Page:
Obama Gun Control Orders Draw Critics' Rhetorical Fire

Second Amendment activists in San Diego County are hoping Congressional Republicans find a fast and firm way of pushing back against President Barack Obama’s proposed executive orders to impose new gun control measures.

Whether that effort comes through legislation or litigation, they see the White House strategy as an affront to the democratic process.

Gun control activists insist the president has to pull an end-around on Congress because the majority answers to the "gun lobby".

The administration's critics argue that unilateral executive orders are the wrong approach to solving "cultural" problems.

"We're not going to solve this by hacking away at these little bits of people's rights, people's liberties,” says Michal Schwartz, executive director of San Diego County Gun Owners. “What we're going to have to do is change the culture, and make sure that people have the ability to defend themselves."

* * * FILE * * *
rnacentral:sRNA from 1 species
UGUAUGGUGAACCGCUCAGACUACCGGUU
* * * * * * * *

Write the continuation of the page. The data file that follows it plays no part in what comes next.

The President's executive orders will focus on gun shows and online sales venues, where background checks previously have not been required, or avoided.

Whatever form the orders take, they figure to provide political fodder for candidates in this year's Presidential campaign.

Legal observers say it could be iffy for members of Congress to bring litigation against the orders on Constitutional grounds -- but that gun sellers could file suit on the basis of proven economic losses.

"I might think that he's (the President) done is unconstitutional,” says Michal Belknap, a professor at California Western School of Law, “but if I can't demonstrate that I have been harmed by what he did, but I wouldn't have standing to bring a case."

Prof. Belknap says Congressional Republicans could take certain legislative actions against the executive orders -- such as withholding funding for the Bureau of Alcohol, Tobacco, Firearms and Explosives unless the President rescinds the measures.

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